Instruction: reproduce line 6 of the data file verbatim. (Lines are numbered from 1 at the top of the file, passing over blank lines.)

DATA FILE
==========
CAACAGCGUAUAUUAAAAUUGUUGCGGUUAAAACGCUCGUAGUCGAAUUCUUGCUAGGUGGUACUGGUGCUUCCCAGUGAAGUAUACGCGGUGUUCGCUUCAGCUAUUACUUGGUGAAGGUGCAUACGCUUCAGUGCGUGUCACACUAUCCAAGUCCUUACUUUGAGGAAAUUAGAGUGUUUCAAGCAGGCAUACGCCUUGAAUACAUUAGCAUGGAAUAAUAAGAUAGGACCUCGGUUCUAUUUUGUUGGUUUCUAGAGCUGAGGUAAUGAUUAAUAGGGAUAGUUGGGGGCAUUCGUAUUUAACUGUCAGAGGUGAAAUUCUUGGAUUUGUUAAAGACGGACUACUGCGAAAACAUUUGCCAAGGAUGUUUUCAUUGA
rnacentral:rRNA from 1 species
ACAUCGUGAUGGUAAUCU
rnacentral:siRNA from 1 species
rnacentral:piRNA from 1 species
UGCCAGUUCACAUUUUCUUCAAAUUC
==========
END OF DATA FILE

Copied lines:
UGCCAGUUCACAUUUUCUUCAAAUUC